suggest:
>> The designers should also consider verifying the integrity and source of notifications received by the browser.
> All of the communication between Firefox and the Notification Service
> will be over https.

it seems that websockets was more or less created for the notification
delivery use case where the client initiates connection but the server
pushes data on its schedule. Otherwise you're looking at HTTP polling or
a hanging transaction, right? Both are fraught with delay and overhead.
Websockets runs over SSL as wss://

good luck with the idea!

-Patrick


Jeff Balogh

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Feb 7, 2012, 12:01:11 AM2/7/12
to dev-pl...@lists.mozilla.org
You're right. I'm actually planning on using websockets for the
desktop (if we can scale it). My shortcut for saying "secure
connection" is still "https".

Jeff Balogh

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Feb 7, 2012, 12:11:34 AM2/7/12
to dev-pl...@lists.mozilla.org
On Mon, Feb 6, 2012 at 8:22 PM, Justin Lebar <justin...@gmail.com> wrote:
> This is great stuff!
>
>>> Does iconURL lead to a privacy issue because the site can see if the user
>>> has read the notification? Can we allow, or require, inline icons?
>>
>> Yes, it leaks data that the user agent opened the notification, like a
>> beacon image in emails. However, I don't think we could get inline
>> icons while maintaining the small messages size.
>
> We could handle the icon during registration of the push notification.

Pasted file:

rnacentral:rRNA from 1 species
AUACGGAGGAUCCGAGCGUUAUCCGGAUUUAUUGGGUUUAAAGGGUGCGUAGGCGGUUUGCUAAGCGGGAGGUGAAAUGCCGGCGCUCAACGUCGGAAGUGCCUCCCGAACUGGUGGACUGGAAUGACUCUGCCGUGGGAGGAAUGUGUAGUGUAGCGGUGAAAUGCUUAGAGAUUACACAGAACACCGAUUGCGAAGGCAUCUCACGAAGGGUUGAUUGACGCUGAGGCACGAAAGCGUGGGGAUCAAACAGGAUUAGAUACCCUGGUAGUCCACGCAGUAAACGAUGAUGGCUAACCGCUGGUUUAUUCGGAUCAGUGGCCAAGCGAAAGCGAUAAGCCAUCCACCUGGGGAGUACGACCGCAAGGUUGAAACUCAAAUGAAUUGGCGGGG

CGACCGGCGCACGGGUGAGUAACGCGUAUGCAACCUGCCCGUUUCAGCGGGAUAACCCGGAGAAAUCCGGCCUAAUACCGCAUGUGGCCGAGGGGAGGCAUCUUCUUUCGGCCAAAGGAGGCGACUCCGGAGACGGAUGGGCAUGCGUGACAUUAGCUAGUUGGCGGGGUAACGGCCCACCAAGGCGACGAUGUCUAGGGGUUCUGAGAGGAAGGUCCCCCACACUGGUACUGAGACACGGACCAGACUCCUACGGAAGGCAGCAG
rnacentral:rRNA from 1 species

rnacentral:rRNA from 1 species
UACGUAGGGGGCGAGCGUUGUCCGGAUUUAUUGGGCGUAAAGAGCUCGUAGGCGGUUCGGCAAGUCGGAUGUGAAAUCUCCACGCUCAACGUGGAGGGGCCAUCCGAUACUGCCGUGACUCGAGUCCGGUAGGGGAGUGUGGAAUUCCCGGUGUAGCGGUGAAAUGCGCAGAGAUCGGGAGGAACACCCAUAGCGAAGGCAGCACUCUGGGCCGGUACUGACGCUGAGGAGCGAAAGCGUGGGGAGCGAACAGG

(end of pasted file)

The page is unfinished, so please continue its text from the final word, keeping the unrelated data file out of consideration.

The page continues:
>  That would solve the privacy issue at the cost of limiting each
> site/app to one icon.  (In practice, this seems to be what happens on
> my Android phone, anyway.)

That's a good idea. It creates a problem of deciding when to refresh
the icon, but it may be a good balance between usability and privacy.

If we lock down the icon I would add a "count" field to the
notification payload so we can add number badges to the icons (e.g. 47
new messages). That's an existing feature in Apple's service and
Ubuntu's Messaging Menu.

Gervase Markham

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Feb 7, 2012, 6:37:27 AM2/7/12
to Jeff Balogh
On 07/02/12 05:11, Jeff Balogh wrote:
>> We could handle the icon during registration of the push notification.
>> That would solve the privacy issue at the cost of limiting each
>> site/app to one icon. (In practice, this seems to be what happens on
>> my Android phone, anyway.)
>
> That's a good idea. It creates a problem of deciding when to refresh
> the icon, but it may be a good balance between usability and privacy.

Can we do this while avoiding limiting the site/app to one icon? I can
imagine that being a bit of a pain as a restriction. Even a choice of 3,
all registered at registration time, would be more flexible.

> If we lock down the icon I would add a "count" field to the
> notification payload so we can add number badges to the icons (e.g. 47
> new messages). That's an existing feature in Apple's service and
> Ubuntu's Messaging Menu.

Good idea.

Gerv

Gervase Markham

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Feb 7, 2012, 7:10:08 AM2/7/12
to
Another thought: say my website's database of push URLs is compromised.
Is there a way I can tell all my site's visitors: "please start
dis-trusting any previous URLs you gave me a while ago, and use this one
instead"? Can I tell a particular notification service, "please
invalidate all URLs on my domain"?

> Gerv wrote:
>> Is the "body" plain text or HTML, or something else?
>
> Plain text.

Fair enough. Can we at least have carriage returns, and thereby
paragraphing?

>> Are there maximum lengths for any of the fields?
>
> Yes, but I don't know the numbers yet. Apple limits messages to 256
> bytes and Android limits it to 1024. The limits are important for
> mobile efficiency.

We could go for the seemingly-standard 140 characters. Although it seems
like this is a bit different to a tweet or an SMS, particularly if
notifications can be replaced. And the SMS limit is getting less
relevant these days, as most mobile systems will stitch SMSes together,
at least up to a certain limit.